The resort provides lessons and gear rentals if you’re new to skiing or snowboarding. So, only invest in the entire snowboarding kit once you know you’ll continue the sport.

The resort offers a snowshoe tour for those who want to explore the best vistas of the Canadian Rockies. This guided tour takes you to scenic vantage points to capture the best views.

Alternatively, you can join a wildlife tour, snowshoe at night, or take an all-day adventure. The all-day and night excursions are rated moderate for those with snowshoeing experience.

Tubing is less expensive than skiing and provides a different kind of thrill for the whole family.

While the Lake Louise Ski Resort is the closest ski hill to the Chateau, you can go skiing and snowboarding at Sunshine Village Ski Resort or Mount Norquay near Banff town.

Lake Louise Ice Skating

If you enjoy a casual ice skate or love to play hockey, there’s nothing more iconic than doing it on a frozen lake. Since the Rockies have long winters, you can often enjoy ice skating for at least five months of the year.

Lake Louise provides the best place because its ice is closely monitored, and staff regularly flood the surface to thicken it. With floodlights, skaters can use the natural ice rink late at night.

Playing in the snow at Lake Louise
Playing in the snow at Lake Louise

Inside the Chateau, a rental shop in the basement offers skate rentals and the appropriate gear for other winter activities. You can choose from figure skates or hockey skates.

If you bring your own skates and a hockey stick, you can have an impromptu game of hockey with family, friends, or complete strangers.

Another option for gear rental is Wilson Mountain Sports at 101 Lake Louise Drive in the village. It has skate rentals and hockey sticks too.

Other options for ice skating include Lake Minnewanka, Vermillion Lakes, and Two Jack Lake. Bear in mind these areas aren’t maintained, and the ice needs to be a minimum of 4″ thick to support a person.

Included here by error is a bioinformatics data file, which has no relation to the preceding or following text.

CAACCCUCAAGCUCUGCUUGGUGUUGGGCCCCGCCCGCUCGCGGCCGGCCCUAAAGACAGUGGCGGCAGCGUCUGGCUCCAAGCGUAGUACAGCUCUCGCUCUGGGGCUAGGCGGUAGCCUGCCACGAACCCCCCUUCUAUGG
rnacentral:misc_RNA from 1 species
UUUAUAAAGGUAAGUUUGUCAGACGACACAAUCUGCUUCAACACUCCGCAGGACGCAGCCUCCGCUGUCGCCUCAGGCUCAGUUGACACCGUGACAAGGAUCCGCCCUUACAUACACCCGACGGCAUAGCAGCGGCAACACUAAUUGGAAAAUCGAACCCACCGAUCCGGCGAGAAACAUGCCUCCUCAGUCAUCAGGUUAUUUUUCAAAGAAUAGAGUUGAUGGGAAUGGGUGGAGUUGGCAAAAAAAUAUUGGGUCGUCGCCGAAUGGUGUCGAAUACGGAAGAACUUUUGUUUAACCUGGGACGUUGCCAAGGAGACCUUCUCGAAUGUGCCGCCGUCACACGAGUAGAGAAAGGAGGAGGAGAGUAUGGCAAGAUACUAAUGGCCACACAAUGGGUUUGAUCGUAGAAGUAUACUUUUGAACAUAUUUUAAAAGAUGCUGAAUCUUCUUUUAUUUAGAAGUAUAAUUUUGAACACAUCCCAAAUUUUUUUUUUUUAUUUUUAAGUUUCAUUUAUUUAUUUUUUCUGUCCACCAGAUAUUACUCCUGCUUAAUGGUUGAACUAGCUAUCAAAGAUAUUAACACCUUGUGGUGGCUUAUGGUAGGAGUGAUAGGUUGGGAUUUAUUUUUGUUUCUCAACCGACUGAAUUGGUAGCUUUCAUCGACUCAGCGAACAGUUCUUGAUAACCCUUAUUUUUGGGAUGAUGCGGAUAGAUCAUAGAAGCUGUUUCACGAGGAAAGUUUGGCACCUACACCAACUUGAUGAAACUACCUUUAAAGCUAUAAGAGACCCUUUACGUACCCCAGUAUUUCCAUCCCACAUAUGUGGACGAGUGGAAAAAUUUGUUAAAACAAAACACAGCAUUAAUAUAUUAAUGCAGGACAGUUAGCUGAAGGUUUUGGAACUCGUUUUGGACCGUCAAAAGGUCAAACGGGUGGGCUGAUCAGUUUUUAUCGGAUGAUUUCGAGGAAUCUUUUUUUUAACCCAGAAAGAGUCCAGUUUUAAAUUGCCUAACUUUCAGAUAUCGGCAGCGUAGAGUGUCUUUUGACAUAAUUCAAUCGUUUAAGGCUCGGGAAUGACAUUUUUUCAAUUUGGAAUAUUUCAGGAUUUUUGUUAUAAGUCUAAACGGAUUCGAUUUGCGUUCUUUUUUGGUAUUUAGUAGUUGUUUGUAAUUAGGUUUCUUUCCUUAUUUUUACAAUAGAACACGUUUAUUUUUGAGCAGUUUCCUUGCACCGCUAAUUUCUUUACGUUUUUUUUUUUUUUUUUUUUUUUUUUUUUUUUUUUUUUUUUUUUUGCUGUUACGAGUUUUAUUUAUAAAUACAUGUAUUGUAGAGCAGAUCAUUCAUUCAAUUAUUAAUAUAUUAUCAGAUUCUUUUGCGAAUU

Also, ice thickness can vary around a lake, so while it may be 4″ thick in one place, it may be thinner somewhere else.

Where To Go Cross Country Skiing?

Cross-country skiing is a Nordic sport suitable for all ages. With a very long winter, Banff National Park provides the ideal winter landscape for cross-country skiing. You’ll enjoy the savings without the need for an expensive lift ticket.

There are lots of scenic trails, ranging from easy to moderate. Around Banff, the Spray River East, Tunnel Mountain Winter, Healy Creek, and Castle Junction are ideal for beginners.

Around Lake Louise, the Campground Loop, Bow River Loop, Great Divide, Tramline, and Moraine Lake Road provide easy routes.

Crossing Lake Louise in winter is another option once the ice surface is thick enough. While the cross-country trail goes into the trees at the back of the lake, you have the option to go as far as you want.

Cross-country skiing on Lake Louise, Alberta
Cross-country skiing on Lake Louise

The Rockies also have moderate and challenging routes if you’re an avid cross-country skier with lots of experience. Alternatively, those new to the sport can book a lesson.

Ice Magic Festival

In mid-January, Lake Louise hosts the Ice Magic Festival. The exciting event showcases the talented skills of global ice carvers who go head-to-head in a competition.

The anticipated event draws thousands of people who come to admire the artistry. There’s something extraordinary about seeing giant blocks of ice carved into a mythical creature, towering structure, or fantasy artwork.

With sub-zero weather, the ice sculptures remain until mother nature melts them.

While you can see the ice carvings after the event, fresh snow often shields their beauty. So, try to view before a snowfall to admire the freshness of the clear ice.

If you love the idea of these wintery carvings, the town of Banff has an event too. Instead of ice blocks, artists create sculptures from snow.

The giant snow sculptures transform downtown Banff into a snow playground during the SnowDays Festival in January. So, fill your insulated mug with hot chocolate and enjoy the open-air snow gallery.